SVC hires firm to oversee closeout

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BENNINGTON — Southern Vermont College has retained a corporate restructuring specialist to oversee operations as the school it closes down over the summer.

Officials also announced Wednesday that SVC President David Evans will leave the post this week and has secured another position, and that the college now has enough money to cover all final paycheck obligations to its employees.

Board of trustees Chairman David Newell said Wednesday that Charles Goldstein, of 3 Cubed Advisory Services, LLC, based in Maryland, has been hired to act as a restructuring officer for the college.

Newell said Goldstein is overseeing operations during the closeout period and working with SVC attorneys, the trustees, major college debt holders, and with remaining staff, including a few office, maintenance and security personnel.

"Basically, he is the operations CEO," Newell said.

At this point, Evans is still the college president and remains on the board of trustees, Newell said, but Goldstein has taken over the management tasks.

"We know he is looking [for another position], and we support that," Newell said of Evans.

3 Cubed Advisory Services has worked with both for-profit and non-profit companies and organizations, advising and assisting them as they shut down or go out of business, Newell said.

Goldstein could not be reached Wednesday for comment.

Reached later via email, Evans said in part, "I am no longer employed by the college as of Friday. I stepped down voluntarily, earlier than originally planned [June 30], in order to free up some of my salary to cover other personnel costs."

He said he expects an announcement concerning his new job will be released next month.

Faculty to be paid

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Newell also confirmed Wednesday that SVC is now able to cover its remaining obligations to employees in checks issued this week. He said that includes those faculty members who had opted to be paid through the summer, rather than receive a lump sum payment for those months at the end of the semester in May.

Those faculty members, including almost all full-time instructors, had been told in April that not enough money was left to cover their final checks, pending the sale of campus real estate assets.

But Newell said Wednesday that the college now has money to cover those salary costs. He said other contributions to SVC have been received and the two banks holding a mortgage on debt totaling more than $6 million — Community Bank and the Bank of Bennington — "have been cooperative; that's all I can say."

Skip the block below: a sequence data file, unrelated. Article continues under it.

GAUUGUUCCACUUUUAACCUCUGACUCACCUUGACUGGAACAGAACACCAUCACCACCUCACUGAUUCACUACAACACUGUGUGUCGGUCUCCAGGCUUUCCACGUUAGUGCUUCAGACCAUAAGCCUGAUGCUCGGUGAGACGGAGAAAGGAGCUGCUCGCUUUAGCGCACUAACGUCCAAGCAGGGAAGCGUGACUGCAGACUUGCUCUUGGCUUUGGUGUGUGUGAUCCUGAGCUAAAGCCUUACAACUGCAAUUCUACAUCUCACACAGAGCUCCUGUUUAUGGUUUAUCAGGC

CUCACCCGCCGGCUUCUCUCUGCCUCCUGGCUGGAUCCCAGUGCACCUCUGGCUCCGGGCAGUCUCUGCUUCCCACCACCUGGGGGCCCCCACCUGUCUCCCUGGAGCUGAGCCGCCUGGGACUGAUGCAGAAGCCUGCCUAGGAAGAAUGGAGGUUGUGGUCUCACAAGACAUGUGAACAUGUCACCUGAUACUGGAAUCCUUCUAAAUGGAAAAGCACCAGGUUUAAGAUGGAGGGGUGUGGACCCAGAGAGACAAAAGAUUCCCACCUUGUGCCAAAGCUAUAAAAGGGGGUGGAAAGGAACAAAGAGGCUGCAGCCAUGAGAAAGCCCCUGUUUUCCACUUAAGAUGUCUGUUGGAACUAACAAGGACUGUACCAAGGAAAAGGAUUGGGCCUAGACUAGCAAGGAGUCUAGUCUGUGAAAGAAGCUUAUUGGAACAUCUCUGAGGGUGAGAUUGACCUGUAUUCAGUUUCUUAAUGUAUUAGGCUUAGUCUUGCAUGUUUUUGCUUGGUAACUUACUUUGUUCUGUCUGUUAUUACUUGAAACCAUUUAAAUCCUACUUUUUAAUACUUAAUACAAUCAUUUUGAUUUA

In addition, he cited an ongoing fund-raising effort by the Bennington Area Chamber of Commerce and local businesses and residents to help fund final SVC employee salary costs and other expenses during the shutdown.

Two lawsuits

Goldstein's work with the SVC attorneys likely will include lawyers with Dinse, a firm based in Burlington, which is defending the college corporation against two suits filed this month in Bennington Superior Court Civil Division.

One suit, filed by Bruce Laumeiser and Elizabeth Small, founders of the Bennington Center for the Arts, seeks to annul their 2017 donation of the facility to the college and to halt any attempt to sell the property.

The college has taken steps to sell the center, which is valued assessed at about $2 million and houses art collections valued at another $2 million.

Although owned by a non-profit institution not required to pay property taxes, the main campus was assessed by the town at about $9.4 million for a dozen college buildings set on 371 acres off Monument Avenue. The property is listed for sale with TPW Real Estate of Manchester.

Evans and the trustees announced in early March that the school would close this year amid mounting debt and declining student enrollment. The announcement came after a Feb. 28 show-cause hearing on the college's financial situation before the New England Commission of Higher Education, which shortly afterward withdrew SVC's academic accreditation as of Aug. 31.

SVC is the third small private college in Vermont to announce a shutdown this year, including College of St. Joseph in Rutland and Green Mountain College in Poultney. Among reasons commonly cited were an unfavorable debt to endowment ratio and declining enrollment amid a general enrollment decline among many colleges throughout New England.

Evans has said that when the notice of the NECHE show-cause hearing was posted as required, the school's enrollment projections for next year fell precipitously — after several years of gradual increases following a sharp fall-off five years ago.

Jim Therrien writes for New England Newspapers in Southern Vermont, including the Bennington Banner, Brattleboro Reformer and Manchester Journal. Twitter: @BB_therrien


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